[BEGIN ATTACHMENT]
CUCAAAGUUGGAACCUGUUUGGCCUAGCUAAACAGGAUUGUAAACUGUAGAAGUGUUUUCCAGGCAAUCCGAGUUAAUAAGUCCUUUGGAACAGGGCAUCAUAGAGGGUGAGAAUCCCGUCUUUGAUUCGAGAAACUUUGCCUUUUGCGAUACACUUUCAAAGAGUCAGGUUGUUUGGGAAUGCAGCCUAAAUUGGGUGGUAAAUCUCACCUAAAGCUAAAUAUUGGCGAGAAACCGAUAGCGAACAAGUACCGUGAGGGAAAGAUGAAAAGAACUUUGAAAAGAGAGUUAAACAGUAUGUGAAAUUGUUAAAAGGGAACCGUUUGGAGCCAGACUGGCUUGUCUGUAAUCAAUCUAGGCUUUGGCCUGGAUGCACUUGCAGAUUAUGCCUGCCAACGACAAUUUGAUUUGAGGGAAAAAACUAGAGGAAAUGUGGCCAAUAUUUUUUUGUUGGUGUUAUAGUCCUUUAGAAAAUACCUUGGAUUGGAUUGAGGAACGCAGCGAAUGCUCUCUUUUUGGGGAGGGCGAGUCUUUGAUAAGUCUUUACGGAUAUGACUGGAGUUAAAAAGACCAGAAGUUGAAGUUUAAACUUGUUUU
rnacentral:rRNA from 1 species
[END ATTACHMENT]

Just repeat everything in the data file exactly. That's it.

CUCAAAGUUGGAACCUGUUUGGCCUAGCUAAACAGGAUUGUAAACUGUAGAAGUGUUUUCCAGGCAAUCCGAGUUAAUAAGUCCUUUGGAACAGGGCAUCAUAGAGGGUGAGAAUCCCGUCUUUGAUUCGAGAAACUUUGCCUUUUGCGAUACACUUUCAAAGAGUCAGGUUGUUUGGGAAUGCAGCCUAAAUUGGGUGGUAAAUCUCACCUAAAGCUAAAUAUUGGCGAGAAACCGAUAGCGAACAAGUACCGUGAGGGAAAGAUGAAAAGAACUUUGAAAAGAGAGUUAAACAGUAUGUGAAAUUGUUAAAAGGGAACCGUUUGGAGCCAGACUGGCUUGUCUGUAAUCAAUCUAGGCUUUGGCCUGGAUGCACUUGCAGAUUAUGCCUGCCAACGACAAUUUGAUUUGAGGGAAAAAACUAGAGGAAAUGUGGCCAAUAUUUUUUUGUUGGUGUUAUAGUCCUUUAGAAAAUACCUUGGAUUGGAUUGAGGAACGCAGCGAAUGCUCUCUUUUUGGGGAGGGCGAGUCUUUGAUAAGUCUUUACGGAUAUGACUGGAGUUAAAAAGACCAGAAGUUGAAGUUUAAACUUGUUUU
rnacentral:rRNA from 1 species